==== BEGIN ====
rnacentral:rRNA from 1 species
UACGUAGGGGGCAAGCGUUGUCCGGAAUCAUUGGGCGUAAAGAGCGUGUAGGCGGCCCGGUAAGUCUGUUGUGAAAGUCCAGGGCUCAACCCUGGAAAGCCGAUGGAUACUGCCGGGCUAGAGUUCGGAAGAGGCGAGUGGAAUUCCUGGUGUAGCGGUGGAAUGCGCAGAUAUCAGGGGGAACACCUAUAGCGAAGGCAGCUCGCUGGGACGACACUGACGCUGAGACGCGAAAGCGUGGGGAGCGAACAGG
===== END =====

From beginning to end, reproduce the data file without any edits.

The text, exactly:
rnacentral:rRNA from 1 species
UACGUAGGGGGCAAGCGUUGUCCGGAAUCAUUGGGCGUAAAGAGCGUGUAGGCGGCCCGGUAAGUCUGUUGUGAAAGUCCAGGGCUCAACCCUGGAAAGCCGAUGGAUACUGCCGGGCUAGAGUUCGGAAGAGGCGAGUGGAAUUCCUGGUGUAGCGGUGGAAUGCGCAGAUAUCAGGGGGAACACCUAUAGCGAAGGCAGCUCGCUGGGACGACACUGACGCUGAGACGCGAAAGCGUGGGGAGCGAACAGG